requirements management


Escape from Documentation

Common practice says that software projects need documentation. But there's still something of a gap between the preaching and the practice. In small companies especially, managers may claim there isn't time to document, or that "Our project is different." Maybe some of these managers know something the rest of us don't know. Are there factors that might make a project exempt from documentation? I've thought of a few possibilities.

Sheryl Smith
The Innovative Tester

Historically, the development team considers themselves the creators of the system and the QA community is considered as a necessary evil, more so when there is an independent testing group. Since test engineers sometimes work in a hostile atmosphere, they need to equip themselves with more knowledge in both functional and testing skills. This article discusses the importance of developing those skills.

Gunasekaran Veerapillai's picture Gunasekaran Veerapillai
Assuming the Worst about Requirements

Requirements are under suspicion. Read between the lines of software and project management journalism and you'll hear nearly everyone lamenting the sad state of requirements. Managers plan only eight percent of project time for requirements. Developers worry about Zen-like requirements that lack sufficient detail to produce serviceable code. Testers think they have to backfill requirements. So, what were the analysts doing?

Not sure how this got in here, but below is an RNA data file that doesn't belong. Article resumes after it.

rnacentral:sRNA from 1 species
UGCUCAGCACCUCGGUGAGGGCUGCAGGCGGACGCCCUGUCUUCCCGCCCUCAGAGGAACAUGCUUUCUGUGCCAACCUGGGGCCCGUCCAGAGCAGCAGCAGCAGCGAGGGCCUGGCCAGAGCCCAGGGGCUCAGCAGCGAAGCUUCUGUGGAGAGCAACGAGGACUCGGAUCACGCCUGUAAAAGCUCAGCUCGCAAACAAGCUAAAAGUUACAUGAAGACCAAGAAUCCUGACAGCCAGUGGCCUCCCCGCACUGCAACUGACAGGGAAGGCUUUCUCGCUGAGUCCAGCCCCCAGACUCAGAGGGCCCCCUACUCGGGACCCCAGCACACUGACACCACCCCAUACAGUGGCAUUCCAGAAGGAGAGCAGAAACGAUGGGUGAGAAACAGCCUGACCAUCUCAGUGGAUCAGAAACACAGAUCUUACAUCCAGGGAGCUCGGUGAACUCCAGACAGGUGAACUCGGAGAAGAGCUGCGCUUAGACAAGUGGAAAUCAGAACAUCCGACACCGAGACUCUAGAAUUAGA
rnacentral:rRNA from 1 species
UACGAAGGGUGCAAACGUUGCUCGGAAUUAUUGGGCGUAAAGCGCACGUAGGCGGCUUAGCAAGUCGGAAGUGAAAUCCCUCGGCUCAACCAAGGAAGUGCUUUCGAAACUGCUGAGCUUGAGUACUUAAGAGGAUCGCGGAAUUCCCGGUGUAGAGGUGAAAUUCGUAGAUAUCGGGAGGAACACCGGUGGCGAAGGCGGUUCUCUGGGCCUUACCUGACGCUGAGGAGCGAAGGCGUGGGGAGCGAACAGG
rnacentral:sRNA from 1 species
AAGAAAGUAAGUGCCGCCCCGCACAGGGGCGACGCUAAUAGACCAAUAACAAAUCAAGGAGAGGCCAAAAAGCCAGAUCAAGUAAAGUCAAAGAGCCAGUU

Becky Winant
Taking the Mystery out of Requirements

Ambiguity, false assumptions, theories, and red herrings. These basic elements of a good mystery story are also encountered in software requirements gathering. And just as the detective has his bag of tricks for solving the mystery, you can learn a few things about uncovering elusive requirements in this column from Becky Winant.

Becky Winant
Satir Change Model You Can't Fight Change

We can probably agree that, for the most part, change is good. But it is also disruptive, and can even create chaos. In this column, Becky Winant explains a familiar model of the  change process, and offers some ways to acknowledge and cope with change in the workplace.

Becky Winant
Modeling Practice and Requirements

Models are useful in different settings in different ways. Models can test facts, ideas and understanding, simulate operation, and aid coordination between systems and people. In this column, Becky Winant lists six model patterns she has seen in practice in software development organizations, talking about where each is appropriate, and the strengths and weaknesses of each.

Becky Winant
Requirements Workshop Quick Debrief (template)

This template is used for guiding a debrief (retrospective) of a requirements workshop. The facilitator can replicate this template on a poster or wall and guide the discussion to "fill up" each slot in the template.

Ellen Gottesdiener's picture Ellen Gottesdiener


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